Publisher gets judgment in Tennant case
Kyla Asbury Jun. 21, 2012, 4:50am
CHARLESTON – The publisher of the Shepherdstown Observer has been granted summary judgment in his case against Secretary of State Natalie Tennant.
Kanawha Circuit Judge Duke Bloom granted Thomas Harding's motion for judgment on the pleadings June 18.
Harding had claimed Tennant misapplied election law and stifled the newspaper's investigation into alleged voting irregularities. Harding had filed the motion for judgment on March 8, 2011, to which Tennant filed in opposition on May 31, 2011.
The Court concluded taht "even when liberally construing both statues, as required, to give two seemingly conflicting statutes meaning, it is clear that W.Va. Code § 3-8-8(i) is in complete opposition to W.Va. Code § 3-1-50," according to the order.
The order also states that it is clear that the blanket gag order on all disclosures by any person, without regard to the purpose or circumstance, of any fact of an election law violation complaint or investigation, proscribed by West Virginia Code § 3-8-8(i) is an "overly broad restriction on speech, despite the State's purported legitimate interests justifying such statute."
The Court concluded that West Virginia Code § 3-8-8(i) is unconstitutional and that the statute is "facially invalid and should be stricken as unconstitutional," according to the order.
The lawsuit was filed after Tennant's office used a pending investigation against Harding to prevent him from publishing information about a controversial zoning referendum in Jefferson County, according to the complaint filed June 2, 2010 in Kanawha Circuit Court.
Harding claims after the Jefferson County Commission enacted a new zoning ordinance in 2008, the residents circulated a petition to collect enough signatures to put a referendum on the new ordinance on the ballot in November 2009.
The Jefferson County clerk certified that the petition had enough valid signatures, and the referendum was defeated.
Harding claims the Shepherdstown Observer filed a Freedom of Information Act request for the petition, but the county clerk refused to turn over the list of names because of a decision that was upheld by Jefferson Circuit Judge David Saunders in August 2009.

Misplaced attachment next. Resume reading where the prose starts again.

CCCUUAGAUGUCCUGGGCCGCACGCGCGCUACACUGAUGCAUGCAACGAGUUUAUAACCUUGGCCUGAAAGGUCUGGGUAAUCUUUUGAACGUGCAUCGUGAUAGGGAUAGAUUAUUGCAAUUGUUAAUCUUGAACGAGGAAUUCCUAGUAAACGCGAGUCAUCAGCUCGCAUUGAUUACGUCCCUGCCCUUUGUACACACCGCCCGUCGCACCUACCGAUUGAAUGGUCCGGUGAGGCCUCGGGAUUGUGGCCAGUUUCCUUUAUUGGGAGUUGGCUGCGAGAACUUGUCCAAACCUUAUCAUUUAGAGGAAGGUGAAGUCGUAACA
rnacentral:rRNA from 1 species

The newspaper appealed Saunders' ruling, and in January 2010, the state Supreme Court agreed to hear the appeal.
On Nov. 7, 2009, Harding claims he noticed Ronda Lehman, who had organized the petition drive, was working as the chief poll worker at his polling place when he went to vote and took a photograph of her performing her duties. Harding posted the photo, which did not contain citizens, voting booths or ballots, on the Shepherdstown Observer's website.
Afterward, the Secretary of State's Office informed Harding that he was under investigation for possible violations of West Virginia election law, which prohibits journalists from entering polling places while they are working as reporters, according to the suit.
Harding was charged in connection with the Election Day incident, but the criminal charges against him were later dismissed.
The Secretary of State's Office has reminded Harding that it is illegal "to divulge to anyone any part of a report or any proceeding involving an investigation," according to the suit.
The suit says Tennant invoked the law when she issued a statement explaining why she would not reveal information about her office's possible investigation into allegations of widespread voter fraud in Lincoln County during the 2009 primary elections.
Harding "seeks to inform the public through The Observer and its website about possible violations of election laws, including improper voting, campaign finance irregularities, candidates' mistakes and other affronts to the democratic process," but is prevented from doing so by the operation of the disclosure law, according to the suit.
Tennant's office interpreted the disclosure law in a way that constricts the flow of information about allegations of voting irregularities and harms Harding and the public by restricting constitutionally protected speech and freedom of the press, the suit says.
Harding is seeking declaratory judgment pronouncing the disclosure law unconstitutional and an injunction preventing the Secretary of State's Office from enforcing it. He is being represented by Bob Bastress, David Hammer and Andrew Arnold.
Kanawha Circuit Court case number: 10-C-990